Some early work was done by Rueckert RR and Mueller in 19605 simply discovering that nitrogen exposed (O2 eliminated) cells in culture indeed grew almost as well as those in oxygen and further, those in excess oxygen either stopped growth or declined. This incited a few papers within that same decade followed by a small number looking into this topic through the 70’s and 80’s. With the plethora of new technology being added to science, the idea took a bit of a back burner till the late 90’s when a few scientists decided O2 control was important and so was born the first hypoxia workstation produced by Ruskinn in the UK.
From this point onward a small movement has been afoot to rethink and re-examine results accepted long ago using the traditional cell sustaining methods, but, could some previously performed experiments yield new results, while carefully mimicking the environment these cells were originally drawn from?
There are a number of studies already showing that tumour growth accelerates in hypoxic conditions.7 A protein complex referred to as the HIF (hypoxia inducible factor) complex has been shown to be regulated at a transcription level 6 and is involved in triggering a number of other reactions and systems. Though we are not fully versed on the total effect, one thing is for certain, cells (and bacteria for that matter) do not behave the same when exposed to varying levels of oxygen outside of their norm. The HIF complex has further been implicated with cellular senescence and premature aging within mammalian cells, laying a large mine to start mining from! 8
Will this be the bridge to better understanding how cells work? It’s certainly worth looking into! Imagine that many experiments have had to move to animal models to replicate in-vivo conditions, but controlling oxygen may allow researchers to go further with cell cultures. It’s hard to tell the potential of considering oxygen level in research or what will and won’t be other pivotal epiphanies to the industry. With the relative ease of access to this type of oxygen controlled technology, there is likely to be a number of new discoveries hiding in the research of the past. Will hypoxia blaze a new trail to discovery? Only research will tell.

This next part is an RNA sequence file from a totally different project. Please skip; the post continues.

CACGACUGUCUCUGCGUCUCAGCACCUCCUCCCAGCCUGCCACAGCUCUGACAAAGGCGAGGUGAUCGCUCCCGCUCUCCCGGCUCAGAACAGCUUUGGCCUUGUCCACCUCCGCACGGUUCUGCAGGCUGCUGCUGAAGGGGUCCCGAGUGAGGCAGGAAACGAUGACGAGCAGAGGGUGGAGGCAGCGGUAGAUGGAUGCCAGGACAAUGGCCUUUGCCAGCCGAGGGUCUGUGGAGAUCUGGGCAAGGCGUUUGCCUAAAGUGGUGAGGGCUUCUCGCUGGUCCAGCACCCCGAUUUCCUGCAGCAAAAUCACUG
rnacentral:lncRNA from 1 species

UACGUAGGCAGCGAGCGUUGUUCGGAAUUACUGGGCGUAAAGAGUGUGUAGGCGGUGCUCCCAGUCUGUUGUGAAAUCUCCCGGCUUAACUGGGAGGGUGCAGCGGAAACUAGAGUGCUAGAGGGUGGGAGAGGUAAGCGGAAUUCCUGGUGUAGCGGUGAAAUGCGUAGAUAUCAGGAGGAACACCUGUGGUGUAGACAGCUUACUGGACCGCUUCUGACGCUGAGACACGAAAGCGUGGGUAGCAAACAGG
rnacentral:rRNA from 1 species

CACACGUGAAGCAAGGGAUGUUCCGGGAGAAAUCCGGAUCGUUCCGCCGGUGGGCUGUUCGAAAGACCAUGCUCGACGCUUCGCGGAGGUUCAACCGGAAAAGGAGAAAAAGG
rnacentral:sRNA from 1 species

This post was written by Ranjan Mukherjee.
- Freshney, R. Ian. Culture of Animal Cells: A Manual of Basic Technique. 3rd ed. New York: Wiley-Liss, 1994: 80-84.
- Oxygen Source for figures: Carbon dioxide, NOAA Earth System Research Laboratory, (updated 2013-03). Methane, IPCC TAR table 6.1, (updated to 1998). The NASA total was 17 ppmv over 100%, and CO2 was increased here by 15 ppmv.
- Aude Carreau a, Bouchra El Hafny-Rahbi a, Agata Matejuk b, Catherine Grillon a, *, Claudine Kieda “Why is the partial oxygen pressure of human tissues a crucial parameter? Small molecules and hypoxia” J. Cell. Mol. Med. Vol 15, No 6, 2011 pp. 1239-1253
- Mach, William J.; Thimmesch, Amanda R.; Pierce, J. Thomas; Pierce, Janet D. “Consequences of Hyperoxia and the Toxicity of Oxygen in the Lung”. Nursing Research and Practice 2011: 1–7. doi:10.1155/2011/260482.)
- Rueckert RR and Mueller GC “Effect of Oxygen Tension on HeLa Cell Growth*”, Cancer Res July 1960 20; 944
- Ratcliffe P (2002). “From erythropoietin to oxygen: hypoxia-inducible factor hydroxylases and the hypoxia signal pathway”. Blood Purif. 20 (5): 445–50. doi:10.1159/000065201. PMID 12207089.
- Kumar P1, Bacchu V2, Wiebe LI2. “The Chemistry and Radiochemistry of Hypoxia-Specific, Radiohalogenated Nitroaromatic Imaging Probes. “Semin Nucl Med. 2015 Mar;45(2):122-135. doi: 10.1053/j.semnuclmed.2014.10.005.
- Amit Maity and Constantinos Koumenis “HIF and MIF—a nifty way to delay senescence?”, Published by Cold Spring Harbor Laboratory Press, Genes Dev. 2006 20: 3337-3341